Outstanding orcas

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This week at Mawson: 1 March 2013

On Saturday 23rd February there was a bit of excitement in the red shed as we could see a few killer whales in the bay near East arm. They looked like they were chasing penguins around. We then saw some more killer whales in Horseshoe harbour. Some of the guys grabbed their cameras and headed over to East arm while I decided to head over to West arm.

When I got to the highest point of West arm I could see about six orcas a long way out but I was happy I could get some nice shots of penguins with the whales off in the distance behind them using my telephoto lens. After an hour or so the whales started getting closer and closer. By this time Peter had arrived and we both followed the pod of whales around to the point of West arm where by this time they were only a few metres off the rocks. We were taking so many spectacular photos we both had sore trigger fingers.

By this time Geoff had joined us then we noticed the pod of whales had a young Weddell seal with them. The whole time they had been playing with the seal like a cat does with a mouse and the poor seal was completely exhausted and close to death. We could see teeth marks in his flippers and he was swollen and battered. They would drag him down and hold him under and blow bubbles at him. It was an amazing display and we all started to yell and encourage the seal to swim to shore and climb up the rocks before he got eaten. All the whales were lined up in a row watching him and he was so tired and weak and every time he would climb up the rocks a wave would come and wash him back off to the waiting orcas. After several attempts to escape and climb the rocks, the exhausted seal turned and swam to the whales and had a five minute stare off. It was like he was saying to them “please finish me off”.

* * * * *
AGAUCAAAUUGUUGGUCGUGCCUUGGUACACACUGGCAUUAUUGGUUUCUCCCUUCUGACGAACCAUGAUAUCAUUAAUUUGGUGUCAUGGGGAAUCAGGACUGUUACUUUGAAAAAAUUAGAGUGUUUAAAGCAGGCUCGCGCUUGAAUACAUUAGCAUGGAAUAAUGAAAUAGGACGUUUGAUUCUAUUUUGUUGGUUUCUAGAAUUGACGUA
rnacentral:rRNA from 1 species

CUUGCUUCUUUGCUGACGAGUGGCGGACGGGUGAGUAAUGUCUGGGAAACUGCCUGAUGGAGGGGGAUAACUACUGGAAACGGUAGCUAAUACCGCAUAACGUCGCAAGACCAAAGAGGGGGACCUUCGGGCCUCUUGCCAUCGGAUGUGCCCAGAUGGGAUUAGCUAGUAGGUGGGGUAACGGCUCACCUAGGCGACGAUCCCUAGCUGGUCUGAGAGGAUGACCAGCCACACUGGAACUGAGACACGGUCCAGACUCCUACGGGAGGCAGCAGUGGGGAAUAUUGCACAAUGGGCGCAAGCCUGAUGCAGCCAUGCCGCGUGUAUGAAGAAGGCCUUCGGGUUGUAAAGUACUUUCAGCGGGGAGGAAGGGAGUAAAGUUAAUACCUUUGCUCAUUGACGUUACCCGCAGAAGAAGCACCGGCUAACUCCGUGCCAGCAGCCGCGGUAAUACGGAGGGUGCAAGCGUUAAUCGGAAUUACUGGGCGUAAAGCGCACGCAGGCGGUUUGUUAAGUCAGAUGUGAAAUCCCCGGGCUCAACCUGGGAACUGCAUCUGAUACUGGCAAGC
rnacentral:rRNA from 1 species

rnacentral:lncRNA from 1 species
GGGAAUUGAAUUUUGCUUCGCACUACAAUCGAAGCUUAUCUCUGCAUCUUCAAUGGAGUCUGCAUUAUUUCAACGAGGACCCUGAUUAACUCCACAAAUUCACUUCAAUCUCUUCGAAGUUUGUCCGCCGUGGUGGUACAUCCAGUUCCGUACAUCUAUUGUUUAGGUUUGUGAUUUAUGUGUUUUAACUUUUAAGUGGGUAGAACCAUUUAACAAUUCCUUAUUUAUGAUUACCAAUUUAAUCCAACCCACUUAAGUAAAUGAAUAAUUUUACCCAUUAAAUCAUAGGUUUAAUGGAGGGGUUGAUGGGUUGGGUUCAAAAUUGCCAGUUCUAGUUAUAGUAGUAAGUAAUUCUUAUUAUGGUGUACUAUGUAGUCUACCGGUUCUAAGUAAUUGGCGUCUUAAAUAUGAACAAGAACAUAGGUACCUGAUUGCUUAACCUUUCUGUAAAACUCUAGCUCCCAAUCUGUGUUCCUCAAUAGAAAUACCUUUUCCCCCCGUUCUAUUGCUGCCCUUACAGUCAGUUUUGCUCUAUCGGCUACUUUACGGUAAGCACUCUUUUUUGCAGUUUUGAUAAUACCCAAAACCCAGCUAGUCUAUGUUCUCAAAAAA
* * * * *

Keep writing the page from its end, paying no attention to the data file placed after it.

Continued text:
Strangely the whales didn’t take him and the seal turned and managed to climb up the rocks just past the tide line and collapsed in a heap. It looked like his flippers were broken and the poor little seal was completely exhausted. It was if the whales had brought the seal to us as a gift, like a cat does with a mouse. It was amazing and all the whales just stayed there lifting their heads out of the water to look at us. They kept doing this for at least another 30 minutes till they started losing interest and started swimming back and forth past the seal and eventually they swam off. It was the most amazing and intense nature experience I have ever witnessed.

After dinner Cookie, Luc and I went for a walk out on West arm to see if the little seal was OK, but he was gone. My guess is he went to sleep and never woke up and the high tide washed him away. (Or maybe the orcas came back and took him?) Life can be so cruel but it was such an honour to witness such an amazing event as a spectator and not to intervene even though we wanted to help that poor little seal. Orcas are the biggest dolphins and the most intelligent animal in the ocean. We think they were all young female orcas we saw and this display was probably a feeding lesson and also a game to keep the cohesion of the pod.

Craig with Orcas
Craig taking one of the more than 800 photos he took of...

(Photo: Peter Layt)

Adelies and Orcas
Mum said don't swim too soon after lunch, they're after lunch

(Photo: Craig Hayhow)

Seal caught by orca
Caught

(Photo: Craig Hayhow)

Seal and Orcas
The stand off

(Photo: Craig Hayhow)

Geoff and Pete with orcas
Geoff and Pete are amazed by the show

(Photo: Craig Hayhow)

Seal chased on rocks by orcas
Out of the water but not safe.

(Photo: Craig hayhow)

Seal chased by orcas
Not happy

(Photo: Craig Hayhow)

Orca
Orca posing for the papparazzi

(Photo: Craig Hayhow)

Orca up close with its head out of the water
More posing

(Photo: Craig Hayhow)

Jellyfish at Mawson
A bonus photo on the way back to the red shed. Jellyfish...

(Photo: Craig Hayhow)

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This page was last modified on 1 March 2013.